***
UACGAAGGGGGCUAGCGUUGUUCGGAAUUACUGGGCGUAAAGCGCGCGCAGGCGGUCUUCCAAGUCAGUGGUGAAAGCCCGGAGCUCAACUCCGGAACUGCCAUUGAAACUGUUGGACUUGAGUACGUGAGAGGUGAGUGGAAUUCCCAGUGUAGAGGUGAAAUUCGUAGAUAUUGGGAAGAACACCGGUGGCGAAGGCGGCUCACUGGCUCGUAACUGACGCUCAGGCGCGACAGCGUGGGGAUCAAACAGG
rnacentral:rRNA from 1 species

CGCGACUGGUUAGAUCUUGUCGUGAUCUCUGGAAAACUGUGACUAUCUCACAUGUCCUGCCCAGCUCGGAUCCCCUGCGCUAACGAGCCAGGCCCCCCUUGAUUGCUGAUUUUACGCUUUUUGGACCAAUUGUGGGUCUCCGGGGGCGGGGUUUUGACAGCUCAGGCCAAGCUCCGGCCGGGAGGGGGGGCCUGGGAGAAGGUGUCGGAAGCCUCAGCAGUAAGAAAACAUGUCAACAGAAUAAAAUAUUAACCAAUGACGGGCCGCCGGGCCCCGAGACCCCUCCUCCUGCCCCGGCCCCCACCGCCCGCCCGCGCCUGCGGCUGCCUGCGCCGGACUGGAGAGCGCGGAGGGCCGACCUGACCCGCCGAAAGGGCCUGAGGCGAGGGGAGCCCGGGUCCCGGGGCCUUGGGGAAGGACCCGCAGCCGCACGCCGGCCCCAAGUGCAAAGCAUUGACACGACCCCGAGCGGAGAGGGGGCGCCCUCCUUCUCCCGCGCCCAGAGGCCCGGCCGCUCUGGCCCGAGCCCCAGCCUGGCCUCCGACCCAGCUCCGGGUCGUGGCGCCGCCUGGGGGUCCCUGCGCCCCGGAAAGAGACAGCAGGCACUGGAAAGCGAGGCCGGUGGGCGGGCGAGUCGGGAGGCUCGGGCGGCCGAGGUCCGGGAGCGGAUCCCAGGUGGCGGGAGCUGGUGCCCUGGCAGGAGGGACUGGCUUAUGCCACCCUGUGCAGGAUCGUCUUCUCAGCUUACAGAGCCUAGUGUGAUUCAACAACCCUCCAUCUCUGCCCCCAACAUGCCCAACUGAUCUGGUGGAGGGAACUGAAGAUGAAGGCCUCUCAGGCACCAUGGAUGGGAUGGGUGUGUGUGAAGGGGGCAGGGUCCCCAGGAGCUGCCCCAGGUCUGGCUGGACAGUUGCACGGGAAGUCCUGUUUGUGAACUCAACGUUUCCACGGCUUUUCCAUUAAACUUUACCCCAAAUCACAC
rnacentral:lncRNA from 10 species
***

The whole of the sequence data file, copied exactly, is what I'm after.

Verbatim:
UACGAAGGGGGCUAGCGUUGUUCGGAAUUACUGGGCGUAAAGCGCGCGCAGGCGGUCUUCCAAGUCAGUGGUGAAAGCCCGGAGCUCAACUCCGGAACUGCCAUUGAAACUGUUGGACUUGAGUACGUGAGAGGUGAGUGGAAUUCCCAGUGUAGAGGUGAAAUUCGUAGAUAUUGGGAAGAACACCGGUGGCGAAGGCGGCUCACUGGCUCGUAACUGACGCUCAGGCGCGACAGCGUGGGGAUCAAACAGG
rnacentral:rRNA from 1 species

CGCGACUGGUUAGAUCUUGUCGUGAUCUCUGGAAAACUGUGACUAUCUCACAUGUCCUGCCCAGCUCGGAUCCCCUGCGCUAACGAGCCAGGCCCCCCUUGAUUGCUGAUUUUACGCUUUUUGGACCAAUUGUGGGUCUCCGGGGGCGGGGUUUUGACAGCUCAGGCCAAGCUCCGGCCGGGAGGGGGGGCCUGGGAGAAGGUGUCGGAAGCCUCAGCAGUAAGAAAACAUGUCAACAGAAUAAAAUAUUAACCAAUGACGGGCCGCCGGGCCCCGAGACCCCUCCUCCUGCCCCGGCCCCCACCGCCCGCCCGCGCCUGCGGCUGCCUGCGCCGGACUGGAGAGCGCGGAGGGCCGACCUGACCCGCCGAAAGGGCCUGAGGCGAGGGGAGCCCGGGUCCCGGGGCCUUGGGGAAGGACCCGCAGCCGCACGCCGGCCCCAAGUGCAAAGCAUUGACACGACCCCGAGCGGAGAGGGGGCGCCCUCCUUCUCCCGCGCCCAGAGGCCCGGCCGCUCUGGCCCGAGCCCCAGCCUGGCCUCCGACCCAGCUCCGGGUCGUGGCGCCGCCUGGGGGUCCCUGCGCCCCGGAAAGAGACAGCAGGCACUGGAAAGCGAGGCCGGUGGGCGGGCGAGUCGGGAGGCUCGGGCGGCCGAGGUCCGGGAGCGGAUCCCAGGUGGCGGGAGCUGGUGCCCUGGCAGGAGGGACUGGCUUAUGCCACCCUGUGCAGGAUCGUCUUCUCAGCUUACAGAGCCUAGUGUGAUUCAACAACCCUCCAUCUCUGCCCCCAACAUGCCCAACUGAUCUGGUGGAGGGAACUGAAGAUGAAGGCCUCUCAGGCACCAUGGAUGGGAUGGGUGUGUGUGAAGGGGGCAGGGUCCCCAGGAGCUGCCCCAGGUCUGGCUGGACAGUUGCACGGGAAGUCCUGUUUGUGAACUCAACGUUUCCACGGCUUUUCCAUUAAACUUUACCCCAAAUCACAC
rnacentral:lncRNA from 10 species